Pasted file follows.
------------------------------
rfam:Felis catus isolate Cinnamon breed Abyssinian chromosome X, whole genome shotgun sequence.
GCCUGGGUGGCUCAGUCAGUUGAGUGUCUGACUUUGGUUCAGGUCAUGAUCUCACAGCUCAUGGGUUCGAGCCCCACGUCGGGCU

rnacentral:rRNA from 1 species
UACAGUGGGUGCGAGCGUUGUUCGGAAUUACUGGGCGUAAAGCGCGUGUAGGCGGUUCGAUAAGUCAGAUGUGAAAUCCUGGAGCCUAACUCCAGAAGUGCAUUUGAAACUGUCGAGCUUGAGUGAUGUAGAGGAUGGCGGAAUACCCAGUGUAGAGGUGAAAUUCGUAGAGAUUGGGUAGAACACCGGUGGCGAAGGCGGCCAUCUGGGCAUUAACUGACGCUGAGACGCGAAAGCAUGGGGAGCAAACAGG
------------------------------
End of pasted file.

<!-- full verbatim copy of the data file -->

rfam:Felis catus isolate Cinnamon breed Abyssinian chromosome X, whole genome shotgun sequence.
GCCUGGGUGGCUCAGUCAGUUGAGUGUCUGACUUUGGUUCAGGUCAUGAUCUCACAGCUCAUGGGUUCGAGCCCCACGUCGGGCU

rnacentral:rRNA from 1 species
UACAGUGGGUGCGAGCGUUGUUCGGAAUUACUGGGCGUAAAGCGCGUGUAGGCGGUUCGAUAAGUCAGAUGUGAAAUCCUGGAGCCUAACUCCAGAAGUGCAUUUGAAACUGUCGAGCUUGAGUGAUGUAGAGGAUGGCGGAAUACCCAGUGUAGAGGUGAAAUUCGUAGAGAUUGGGUAGAACACCGGUGGCGAAGGCGGCCAUCUGGGCAUUAACUGACGCUGAGACGCGAAAGCAUGGGGAGCAAACAGG